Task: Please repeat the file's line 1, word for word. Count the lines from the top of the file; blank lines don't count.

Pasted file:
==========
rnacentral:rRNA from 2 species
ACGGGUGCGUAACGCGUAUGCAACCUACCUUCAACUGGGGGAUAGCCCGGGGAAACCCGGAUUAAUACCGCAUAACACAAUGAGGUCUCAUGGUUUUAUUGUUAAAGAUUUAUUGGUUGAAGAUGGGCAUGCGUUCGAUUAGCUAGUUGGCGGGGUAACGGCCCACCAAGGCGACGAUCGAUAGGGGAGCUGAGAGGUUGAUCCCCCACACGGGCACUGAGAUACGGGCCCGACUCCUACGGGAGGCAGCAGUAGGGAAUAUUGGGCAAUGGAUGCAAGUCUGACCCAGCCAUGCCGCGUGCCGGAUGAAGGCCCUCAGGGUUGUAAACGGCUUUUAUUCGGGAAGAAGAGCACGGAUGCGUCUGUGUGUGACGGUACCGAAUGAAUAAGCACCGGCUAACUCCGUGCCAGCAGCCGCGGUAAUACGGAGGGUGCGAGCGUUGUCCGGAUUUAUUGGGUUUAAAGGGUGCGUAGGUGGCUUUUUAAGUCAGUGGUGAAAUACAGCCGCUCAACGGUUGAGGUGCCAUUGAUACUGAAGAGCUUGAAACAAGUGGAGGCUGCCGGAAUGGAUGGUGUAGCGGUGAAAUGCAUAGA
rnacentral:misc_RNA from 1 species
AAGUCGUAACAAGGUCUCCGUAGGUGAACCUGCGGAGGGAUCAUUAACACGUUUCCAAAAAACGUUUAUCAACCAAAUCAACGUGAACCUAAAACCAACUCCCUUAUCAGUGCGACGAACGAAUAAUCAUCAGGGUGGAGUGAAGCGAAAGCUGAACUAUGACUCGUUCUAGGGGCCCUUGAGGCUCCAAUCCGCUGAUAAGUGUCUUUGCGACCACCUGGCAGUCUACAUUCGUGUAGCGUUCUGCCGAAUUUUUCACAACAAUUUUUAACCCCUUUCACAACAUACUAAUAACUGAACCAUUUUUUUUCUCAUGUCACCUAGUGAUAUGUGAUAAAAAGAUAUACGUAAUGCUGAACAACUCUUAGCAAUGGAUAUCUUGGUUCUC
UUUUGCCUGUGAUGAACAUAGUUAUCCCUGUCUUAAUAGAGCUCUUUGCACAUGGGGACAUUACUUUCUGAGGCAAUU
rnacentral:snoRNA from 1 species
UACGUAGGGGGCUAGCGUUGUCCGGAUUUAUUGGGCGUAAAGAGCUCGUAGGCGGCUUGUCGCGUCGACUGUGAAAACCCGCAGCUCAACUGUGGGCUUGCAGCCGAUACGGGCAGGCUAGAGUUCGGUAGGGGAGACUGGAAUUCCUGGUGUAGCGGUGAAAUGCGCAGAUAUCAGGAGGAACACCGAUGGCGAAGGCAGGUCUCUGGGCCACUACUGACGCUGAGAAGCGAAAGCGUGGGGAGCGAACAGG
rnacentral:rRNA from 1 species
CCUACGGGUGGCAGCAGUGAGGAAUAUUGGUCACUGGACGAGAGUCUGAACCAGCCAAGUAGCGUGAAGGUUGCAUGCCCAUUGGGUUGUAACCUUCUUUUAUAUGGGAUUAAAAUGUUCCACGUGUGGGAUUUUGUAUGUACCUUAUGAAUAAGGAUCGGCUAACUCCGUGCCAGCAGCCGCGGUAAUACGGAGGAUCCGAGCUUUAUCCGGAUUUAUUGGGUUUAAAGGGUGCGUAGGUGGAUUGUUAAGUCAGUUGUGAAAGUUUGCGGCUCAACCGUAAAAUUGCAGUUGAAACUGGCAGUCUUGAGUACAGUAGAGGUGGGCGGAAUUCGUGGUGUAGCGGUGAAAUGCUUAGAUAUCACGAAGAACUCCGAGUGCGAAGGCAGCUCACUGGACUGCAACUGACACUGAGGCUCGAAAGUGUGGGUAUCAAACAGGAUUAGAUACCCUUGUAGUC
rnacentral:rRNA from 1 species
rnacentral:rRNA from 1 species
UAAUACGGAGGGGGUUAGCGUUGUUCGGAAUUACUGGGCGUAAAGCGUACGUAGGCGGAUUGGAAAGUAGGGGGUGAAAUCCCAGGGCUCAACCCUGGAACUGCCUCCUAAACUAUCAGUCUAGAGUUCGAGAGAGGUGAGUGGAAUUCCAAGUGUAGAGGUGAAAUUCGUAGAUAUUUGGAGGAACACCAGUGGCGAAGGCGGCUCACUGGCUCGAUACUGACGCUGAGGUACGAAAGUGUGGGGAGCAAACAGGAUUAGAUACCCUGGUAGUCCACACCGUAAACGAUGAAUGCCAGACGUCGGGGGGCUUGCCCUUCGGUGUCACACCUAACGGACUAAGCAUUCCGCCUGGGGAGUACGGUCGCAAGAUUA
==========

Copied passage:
rnacentral:rRNA from 2 species